Stealing the Spotlight

Advertising takeover of Grand Central amplifies Thomson Reuters as a media company with answers

By Todd Wilkinson

Courtesy of Thomson Reuters


"Grand Central Takeover" may sound like the name of a Hollywood action-hero movie or maybe a high-adrenaline video game. But the 2017 ANA B2 Award-winning campaign is no fictional drama. After racking up tens of millions of impressions in just a month's time, it now holds vaunted status as a bona fide mass-media phenomenon.

The genesis of Grand Central Takeover, a bold collaboration between global media information powerhouse Thomson Reuters (TR) and agency TBWA\Chiat\Day NY, started with a simple question: How can a company with stellar name recognition but limited ad budget reach a large target audience and present its product to potential customers in a revelatory way?

"Thomson Reuters is a brand that almost everyone has heard of, but not everyone knows what they do," says Rob Schwartz, CEO of TBWA\Chiat\Day NY. "So our mission was to clarify who they are and then amplify it."

Part of the strategy, he adds, was to develop a platform that would call attention to, and imbue poignant meaning for, TR's freshly minted slogan — "The Answer Company," which TBWA played a crucial role in coining.


All Eyes on TR

Grand Central Takeover was driven by the insight that a high concentration of professionals employed by New York's finance, legal, tax and accounting, risk management, and media sectors — ideal consumers of TR products — commute through Grand Central Terminal, New York's busiest mass-transit hub.

To reach the audience, researchers with TR and TBWA carefully assessed foot traffic patterns throughout Grand Central. This laid the groundwork for an audacious plan called "hyper-mega," in which TR would own all of the advertising inventory in Grand Central, including the subway stations connected to the terminal, for an entire month. People traveling down walkways and through tunnels would see nothing but the TR story for hundreds of feet and up to 30 seconds of strolling time.

"We would be mega in a hyper-targeted manner by having ad placements appear in every kind of media that people passing through Grand Central might encounter," says Stephen Sonnenfeld, VP and global creative director at TR.

September was selected for implementation because it marked the end of summer vacation. The "takeover" of Grand Central included 1,000 TR billboards, many of them large and eye-grabbing. The intent was to create a "curated presence," akin to visuals in a museum, with placements emphasizing The Answer Company tagline.

Each billboard featured a tailored message posed as a question that invited personal introspection among viewers. One ad, for example, asked, "How can you discern between what's trending and what's true?"

The campaign also included a mobile component, what the TBWA creative team dubbed video "orange papers," which described TR's services via testimonials and storytelling packaged as short films. They would show up on mobile devices whenever viewers were within a certain radius of Grand Central.

"In total, the campaign had the impact of a brand that felt like it was everywhere, yet we were, in truth, in one media venue, and that made it more cost efficient too," Schwartz says.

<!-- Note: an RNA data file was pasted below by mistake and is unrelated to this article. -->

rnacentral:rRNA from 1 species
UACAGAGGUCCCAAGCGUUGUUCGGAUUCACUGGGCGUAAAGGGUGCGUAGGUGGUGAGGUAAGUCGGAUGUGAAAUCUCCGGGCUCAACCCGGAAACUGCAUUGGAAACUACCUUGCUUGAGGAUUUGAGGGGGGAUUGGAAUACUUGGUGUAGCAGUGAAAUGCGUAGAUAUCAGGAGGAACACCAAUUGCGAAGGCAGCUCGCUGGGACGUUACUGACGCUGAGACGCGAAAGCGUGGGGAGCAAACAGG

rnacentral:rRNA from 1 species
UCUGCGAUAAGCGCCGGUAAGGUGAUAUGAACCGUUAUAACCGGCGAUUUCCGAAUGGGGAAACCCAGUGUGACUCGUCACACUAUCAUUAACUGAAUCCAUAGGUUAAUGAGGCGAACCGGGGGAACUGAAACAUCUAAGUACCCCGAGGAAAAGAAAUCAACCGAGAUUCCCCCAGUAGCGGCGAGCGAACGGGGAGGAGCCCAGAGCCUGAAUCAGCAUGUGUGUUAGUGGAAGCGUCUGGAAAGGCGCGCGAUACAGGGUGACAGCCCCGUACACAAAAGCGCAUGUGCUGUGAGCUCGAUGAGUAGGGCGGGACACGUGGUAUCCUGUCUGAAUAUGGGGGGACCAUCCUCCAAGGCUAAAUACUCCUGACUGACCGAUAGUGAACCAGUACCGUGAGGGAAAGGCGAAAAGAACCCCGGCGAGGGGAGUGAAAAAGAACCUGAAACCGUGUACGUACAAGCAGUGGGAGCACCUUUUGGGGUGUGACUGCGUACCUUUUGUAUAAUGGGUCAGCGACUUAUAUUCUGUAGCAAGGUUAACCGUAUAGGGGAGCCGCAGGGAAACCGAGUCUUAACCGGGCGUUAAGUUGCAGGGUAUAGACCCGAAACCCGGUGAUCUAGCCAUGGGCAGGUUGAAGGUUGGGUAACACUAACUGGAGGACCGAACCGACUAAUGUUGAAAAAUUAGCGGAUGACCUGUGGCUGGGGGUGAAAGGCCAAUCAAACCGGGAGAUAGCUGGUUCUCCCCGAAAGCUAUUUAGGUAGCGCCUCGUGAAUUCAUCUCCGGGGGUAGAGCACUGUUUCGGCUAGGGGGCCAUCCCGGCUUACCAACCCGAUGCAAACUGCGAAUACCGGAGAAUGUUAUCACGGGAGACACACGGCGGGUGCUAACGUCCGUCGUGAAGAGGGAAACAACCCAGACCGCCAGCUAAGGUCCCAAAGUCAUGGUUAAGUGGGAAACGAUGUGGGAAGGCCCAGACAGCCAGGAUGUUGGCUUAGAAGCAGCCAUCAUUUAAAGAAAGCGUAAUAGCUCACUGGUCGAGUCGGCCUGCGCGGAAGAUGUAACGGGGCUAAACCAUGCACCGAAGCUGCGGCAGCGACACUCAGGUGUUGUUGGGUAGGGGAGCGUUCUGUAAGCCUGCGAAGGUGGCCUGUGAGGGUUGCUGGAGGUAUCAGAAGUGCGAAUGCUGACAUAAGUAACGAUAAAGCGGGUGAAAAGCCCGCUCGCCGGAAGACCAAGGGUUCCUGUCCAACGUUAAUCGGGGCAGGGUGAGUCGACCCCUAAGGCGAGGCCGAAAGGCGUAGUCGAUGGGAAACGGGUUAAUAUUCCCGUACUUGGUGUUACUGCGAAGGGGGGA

The Results

The response to Grand Central Takeover was off the charts. Some of the notable metrics include a 400 percent increase in top-of-mind awareness, a 129 percent increase in unaided recall, a 175 percent increase in association of Thomson Reuters with The Answer Company, a 122 percent increase in the digital display click-through rate, a 64 percent decrease in cost-per-click, and a 427 percent increase in social click-throughs.

There was also a significant lift in appreciation of key brand attitudes and an overall uptick in willingness to engage with the brand and pursue more information, Sonnenfeld says.

"For people who didn't fully appreciate the scope of our business before, Grand Central was a great reflective way to familiarize themselves with the power of our company," Sonnenfeld adds, although he would not divulge total spending for the campaign. "Let me just say the program was very successful."


"Return of Pride"

Moving forward, TR plans to take the success of Grand Central Takeover and hyper-mega to other key markets. More importantly, the campaign brought greater meaning to The Answer Company tagline, resonating with consumers and adding to a sense of esprit de corps among its own employees.

"We observed a lot of internal Thomson Reuters folks taking selfies with the work and posting their shots to social media," Schwartz says. "As an industry, we are always in such a rush to prove ROI in terms of customer acquisition. But you cannot underestimate the power of pride greater advertising has with generating ROP — return of pride."

TR's Sonnenfeld adds that TBWA is a unique agency partner. "We're a fairly complicated brand and they are the foremost proponents of simplicity, so in many ways we're an ideal match, not just with Grand Central and hyper-mega, but with the totality of our relationship," he says. "This campaign is an example of what happens when client and agency have a relationship based on true transparency and a genuinely open forum for creative ideation."


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